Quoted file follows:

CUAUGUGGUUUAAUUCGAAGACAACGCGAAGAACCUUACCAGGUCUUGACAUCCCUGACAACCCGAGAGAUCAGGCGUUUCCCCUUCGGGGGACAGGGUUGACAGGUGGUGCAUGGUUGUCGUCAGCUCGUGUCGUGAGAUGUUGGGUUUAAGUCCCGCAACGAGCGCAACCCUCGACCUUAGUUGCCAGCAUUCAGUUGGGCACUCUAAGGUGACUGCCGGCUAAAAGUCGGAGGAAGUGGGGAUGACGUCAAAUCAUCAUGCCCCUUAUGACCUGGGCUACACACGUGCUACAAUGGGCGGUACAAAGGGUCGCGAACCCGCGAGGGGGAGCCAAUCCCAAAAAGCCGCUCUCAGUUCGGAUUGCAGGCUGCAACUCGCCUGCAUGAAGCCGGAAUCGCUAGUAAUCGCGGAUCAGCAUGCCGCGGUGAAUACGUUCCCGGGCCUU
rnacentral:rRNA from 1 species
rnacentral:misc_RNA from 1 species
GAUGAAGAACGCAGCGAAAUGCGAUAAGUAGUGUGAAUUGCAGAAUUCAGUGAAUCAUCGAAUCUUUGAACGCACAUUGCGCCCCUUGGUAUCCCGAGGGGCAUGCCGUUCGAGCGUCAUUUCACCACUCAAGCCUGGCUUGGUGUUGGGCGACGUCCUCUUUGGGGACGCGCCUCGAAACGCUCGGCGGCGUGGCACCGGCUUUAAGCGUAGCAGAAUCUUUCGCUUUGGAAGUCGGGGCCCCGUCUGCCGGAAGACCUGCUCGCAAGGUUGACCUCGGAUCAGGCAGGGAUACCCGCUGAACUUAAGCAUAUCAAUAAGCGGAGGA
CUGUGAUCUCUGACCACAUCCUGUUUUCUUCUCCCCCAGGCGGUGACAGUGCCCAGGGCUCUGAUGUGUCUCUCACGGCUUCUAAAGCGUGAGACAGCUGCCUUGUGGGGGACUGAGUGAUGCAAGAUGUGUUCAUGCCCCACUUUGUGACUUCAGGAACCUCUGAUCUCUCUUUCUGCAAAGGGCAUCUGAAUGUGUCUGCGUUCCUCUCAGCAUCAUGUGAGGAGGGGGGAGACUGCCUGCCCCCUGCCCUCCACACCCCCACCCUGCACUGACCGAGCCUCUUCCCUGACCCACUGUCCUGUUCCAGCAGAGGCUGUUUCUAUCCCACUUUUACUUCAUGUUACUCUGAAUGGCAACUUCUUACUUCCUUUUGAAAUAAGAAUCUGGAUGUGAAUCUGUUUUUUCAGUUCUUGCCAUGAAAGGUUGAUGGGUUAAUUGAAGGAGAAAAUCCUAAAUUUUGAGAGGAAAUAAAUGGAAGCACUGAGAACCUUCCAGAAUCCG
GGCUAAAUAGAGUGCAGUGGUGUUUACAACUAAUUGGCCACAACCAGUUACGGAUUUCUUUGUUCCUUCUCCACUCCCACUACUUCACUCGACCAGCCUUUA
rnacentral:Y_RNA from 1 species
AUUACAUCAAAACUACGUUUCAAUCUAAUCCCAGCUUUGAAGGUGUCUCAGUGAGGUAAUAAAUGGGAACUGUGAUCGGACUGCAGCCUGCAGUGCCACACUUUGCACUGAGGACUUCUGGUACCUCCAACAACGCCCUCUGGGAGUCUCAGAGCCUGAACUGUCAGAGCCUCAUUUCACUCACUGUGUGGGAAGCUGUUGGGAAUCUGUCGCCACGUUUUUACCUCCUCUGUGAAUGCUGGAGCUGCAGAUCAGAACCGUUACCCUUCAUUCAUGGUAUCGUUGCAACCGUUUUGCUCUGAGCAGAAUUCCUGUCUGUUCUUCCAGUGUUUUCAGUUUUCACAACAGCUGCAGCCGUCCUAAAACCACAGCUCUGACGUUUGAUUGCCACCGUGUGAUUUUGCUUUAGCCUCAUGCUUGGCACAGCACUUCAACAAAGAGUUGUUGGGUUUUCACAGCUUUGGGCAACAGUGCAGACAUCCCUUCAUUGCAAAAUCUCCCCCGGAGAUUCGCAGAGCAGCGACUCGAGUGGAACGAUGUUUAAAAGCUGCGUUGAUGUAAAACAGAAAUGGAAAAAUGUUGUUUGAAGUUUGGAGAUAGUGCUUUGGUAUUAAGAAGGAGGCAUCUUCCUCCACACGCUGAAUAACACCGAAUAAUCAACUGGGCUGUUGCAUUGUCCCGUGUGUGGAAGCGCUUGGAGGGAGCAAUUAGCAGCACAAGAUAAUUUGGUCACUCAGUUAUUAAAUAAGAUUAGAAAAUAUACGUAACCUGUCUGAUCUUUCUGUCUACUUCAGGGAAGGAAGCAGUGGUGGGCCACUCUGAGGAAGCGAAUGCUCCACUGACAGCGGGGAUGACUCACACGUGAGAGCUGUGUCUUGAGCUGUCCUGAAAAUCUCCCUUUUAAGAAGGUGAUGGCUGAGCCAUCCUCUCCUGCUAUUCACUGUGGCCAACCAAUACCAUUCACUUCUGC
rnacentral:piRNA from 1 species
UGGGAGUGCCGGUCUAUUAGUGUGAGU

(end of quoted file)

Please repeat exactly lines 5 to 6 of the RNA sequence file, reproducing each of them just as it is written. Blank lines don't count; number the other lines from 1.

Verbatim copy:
CUGUGAUCUCUGACCACAUCCUGUUUUCUUCUCCCCCAGGCGGUGACAGUGCCCAGGGCUCUGAUGUGUCUCUCACGGCUUCUAAAGCGUGAGACAGCUGCCUUGUGGGGGACUGAGUGAUGCAAGAUGUGUUCAUGCCCCACUUUGUGACUUCAGGAACCUCUGAUCUCUCUUUCUGCAAAGGGCAUCUGAAUGUGUCUGCGUUCCUCUCAGCAUCAUGUGAGGAGGGGGGAGACUGCCUGCCCCCUGCCCUCCACACCCCCACCCUGCACUGACCGAGCCUCUUCCCUGACCCACUGUCCUGUUCCAGCAGAGGCUGUUUCUAUCCCACUUUUACUUCAUGUUACUCUGAAUGGCAACUUCUUACUUCCUUUUGAAAUAAGAAUCUGGAUGUGAAUCUGUUUUUUCAGUUCUUGCCAUGAAAGGUUGAUGGGUUAAUUGAAGGAGAAAAUCCUAAAUUUUGAGAGGAAAUAAAUGGAAGCACUGAGAACCUUCCAGAAUCCG
GGCUAAAUAGAGUGCAGUGGUGUUUACAACUAAUUGGCCACAACCAGUUACGGAUUUCUUUGUUCCUUCUCCACUCCCACUACUUCACUCGACCAGCCUUUA